Kleros is an online dispute resolution system based on blockchain, crowdsourcing and game theory. We hear how Federico has used his experience of the Argentinian economic collapse of the 90s to problem-solve dispute resolution for the internet age.
From the producer: On The Hearing, we’ve talked to people at the top of their game about their experiences of lockdown. We’ve gained advice from experts on how businesses can best weather these unprecedented times. And this week Joe chats to Karim Sabbidine, an associate at Thompson Hine, about what COVID-19 means when you’re at the legal coalface.
Pre-pandemic, life as a New York litigator was a heady mix of high pressure and excitement – tiring yet fun. But for Karim it quickly transitioned to being cramped in a small apartment with two equally busy flatmates, while trying to navigate a virtual trial.
Karim has an international and multicultural background, and has an enviable résumé of on-the-job training. He talks to Joe about the realities of being a litigator, the benefits of writing every day, and why it’s important to always dress the part.
Written by Michelai Graham – Interview with Joseph Raczynski
Facebook is scaling back its ambitious plans to move into the cryptocurrency sector while users on the platform aren’t showing much confidence in the site’s new addition.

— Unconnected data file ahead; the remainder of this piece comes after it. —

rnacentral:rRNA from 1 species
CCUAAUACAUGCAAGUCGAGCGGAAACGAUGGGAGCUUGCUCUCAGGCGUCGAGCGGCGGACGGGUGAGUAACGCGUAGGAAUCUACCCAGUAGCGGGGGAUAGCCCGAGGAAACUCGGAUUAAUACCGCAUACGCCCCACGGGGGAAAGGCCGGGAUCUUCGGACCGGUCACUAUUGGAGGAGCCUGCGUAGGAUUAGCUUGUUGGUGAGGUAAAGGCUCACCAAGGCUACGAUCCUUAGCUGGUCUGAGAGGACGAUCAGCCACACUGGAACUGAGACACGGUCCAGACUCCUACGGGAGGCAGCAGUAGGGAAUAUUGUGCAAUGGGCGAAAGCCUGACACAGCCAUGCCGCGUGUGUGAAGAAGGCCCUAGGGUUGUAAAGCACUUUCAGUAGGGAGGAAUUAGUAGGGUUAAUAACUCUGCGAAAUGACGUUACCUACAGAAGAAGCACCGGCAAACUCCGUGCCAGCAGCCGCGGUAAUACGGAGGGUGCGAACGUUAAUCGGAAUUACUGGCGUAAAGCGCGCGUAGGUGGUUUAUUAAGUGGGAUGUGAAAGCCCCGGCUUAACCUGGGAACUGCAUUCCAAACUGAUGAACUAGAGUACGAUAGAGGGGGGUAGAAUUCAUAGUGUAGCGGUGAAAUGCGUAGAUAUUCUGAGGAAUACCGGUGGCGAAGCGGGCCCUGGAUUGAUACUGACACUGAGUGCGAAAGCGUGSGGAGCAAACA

The media giant will likely launch its smaller scale Libra cryptocurrency project as soon as January. Libra was originally supposed to be a new currency backed by fiat money (a currency established as money by the government) and securities (tradable financial assets). Libra will now work as a stable coin, meaning it won’t fluctuate in value as it’s pegged to something like the US dollar or a basket of currencies.
“It was only a matter of time before a private company went down the road of their own cryptocurrency,” Joseph Raczynski, a technologist and futurist for Thomas Reuters told Lifewire in an email. “I was very excited to hear this was going to happen last summer, but skeptical to see how it would transpire.”
What Exactly Is Facebook Trying to Do With Cryptocurrency Anyway?
Cryptocurrency is the private industry’s brand new way to exchange value over the internet, Raczynski said, and Facebook wants to take advantage of that.
Raczynski has been working with cryptocurrency since the creation of Bitcoin in 2011 and has even created his own cryptocurrencies before. He said the most appealing aspect of cryptocurrency is the security and ease of use. Unfortunately, cryptocurrency is still just an idea of the future for some people, which may be a struggle for Facebook as it plans to launch soon.
“At its most basic, cryptocurrency is the representation of value on the Internet,” Raczynski explained. “The first stage that people should be cognizant of is that a cryptocurrency will be similar to a digital dollar.”
“It was only a matter of time before a private company went down the road of their own cryptocurrency.”
Facebook plans to launch a single dollar-backed coin, and eventually a wallet called Novi, to send and receive Libra currencies. Digital wallets are encrypted, Raczynski explained, so only the user would have access to it. With Novi, Facebook users can manage their digital coins within Facebook’s apps, including Messenger, WhatsApp, browsers, and other connected apps. With the use of a single currency, Raczynski thinks it will make the barrier to do things much easier to manage.
“Anyone using Facebook around the world could exchange their local currency for the Facebook currency,” he said. “Anything you want to buy, services rendered, or simply exchanging money could happen across the world with a unified Facebook currency.”